A grieving family has taken aim at Victoria's continued harsh lockdown restrictions in a death notice published in The Age.
The notice starts off normal enough, commemorating Peter Mitchell, a husband, father and grandfather who was "an exceptional man with an exceptional mind, wit and heart", and died on Monday.
But it takes a sudden savage turn in its conclusion, stating, "Memorial Service to be held when the dictator is overthrown."
Under metropolitan Melbourne's current stage four lockdown – one of the toughest in the world – funerals are restricted to 10 mourners, plus those required to conduct the funeral.
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While he's not mentioned by name, the "dictator" the notice is likely referring to is Premier Daniel Andrews, who has faced a barrage of criticism since announcing Victoria's lockdown exit plan on Sunday.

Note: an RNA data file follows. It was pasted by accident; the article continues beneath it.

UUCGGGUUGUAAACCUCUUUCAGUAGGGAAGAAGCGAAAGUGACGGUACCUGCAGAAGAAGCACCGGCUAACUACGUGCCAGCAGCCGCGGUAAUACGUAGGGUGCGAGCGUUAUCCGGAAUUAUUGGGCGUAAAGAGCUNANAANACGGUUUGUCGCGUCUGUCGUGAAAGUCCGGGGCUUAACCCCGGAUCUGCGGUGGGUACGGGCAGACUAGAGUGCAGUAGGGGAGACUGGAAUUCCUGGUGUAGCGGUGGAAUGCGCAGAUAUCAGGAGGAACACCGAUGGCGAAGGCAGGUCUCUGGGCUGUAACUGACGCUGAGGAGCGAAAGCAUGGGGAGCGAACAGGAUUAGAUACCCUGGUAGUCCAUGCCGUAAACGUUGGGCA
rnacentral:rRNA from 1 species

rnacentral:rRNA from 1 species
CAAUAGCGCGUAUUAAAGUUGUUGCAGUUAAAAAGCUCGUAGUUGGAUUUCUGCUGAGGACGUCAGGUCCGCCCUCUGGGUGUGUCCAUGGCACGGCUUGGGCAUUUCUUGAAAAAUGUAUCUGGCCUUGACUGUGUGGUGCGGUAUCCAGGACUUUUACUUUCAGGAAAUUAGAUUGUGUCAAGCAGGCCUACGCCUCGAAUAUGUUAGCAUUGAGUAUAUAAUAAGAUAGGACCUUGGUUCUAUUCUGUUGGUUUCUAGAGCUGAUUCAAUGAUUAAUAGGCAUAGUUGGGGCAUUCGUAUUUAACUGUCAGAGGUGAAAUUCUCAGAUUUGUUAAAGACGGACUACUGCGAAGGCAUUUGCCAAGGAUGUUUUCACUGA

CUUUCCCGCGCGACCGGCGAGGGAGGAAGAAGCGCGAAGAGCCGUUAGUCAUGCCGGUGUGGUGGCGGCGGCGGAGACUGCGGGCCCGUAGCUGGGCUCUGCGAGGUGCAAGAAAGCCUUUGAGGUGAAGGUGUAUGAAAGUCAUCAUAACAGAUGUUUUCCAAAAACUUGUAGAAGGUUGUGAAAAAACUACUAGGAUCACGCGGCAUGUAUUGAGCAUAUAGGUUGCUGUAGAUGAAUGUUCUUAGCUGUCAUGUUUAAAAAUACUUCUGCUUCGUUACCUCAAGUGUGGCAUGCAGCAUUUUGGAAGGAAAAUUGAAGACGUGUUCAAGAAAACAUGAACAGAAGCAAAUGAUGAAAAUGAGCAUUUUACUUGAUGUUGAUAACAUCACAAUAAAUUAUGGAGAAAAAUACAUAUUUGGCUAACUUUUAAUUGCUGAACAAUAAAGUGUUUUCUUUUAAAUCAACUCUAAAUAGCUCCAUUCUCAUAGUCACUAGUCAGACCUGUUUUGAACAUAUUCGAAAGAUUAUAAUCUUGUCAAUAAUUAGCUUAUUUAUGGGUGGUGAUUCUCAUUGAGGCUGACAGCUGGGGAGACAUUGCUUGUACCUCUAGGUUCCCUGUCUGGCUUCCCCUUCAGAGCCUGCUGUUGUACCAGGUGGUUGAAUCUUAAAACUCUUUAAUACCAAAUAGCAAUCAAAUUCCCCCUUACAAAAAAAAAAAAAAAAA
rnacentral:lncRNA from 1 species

Andrews has been criticised by everyone from the PM to former football stars over his roadmap, which will see Victoria undergo a "slow and steady" easing of restrictions.
"All I can say to people is if anger and frustration were like a vaccine against this virus, then we would all be in a much better position," he told reporters this morning.
"We would all like to be open tomorrow. Myself included. But to do that is not an act of leadership, that is to cave to some of the pressure that is there, to be driven by anger instead of epidemiology, to be driven by opinion instead of science and data and doctors. That is not what I'm about."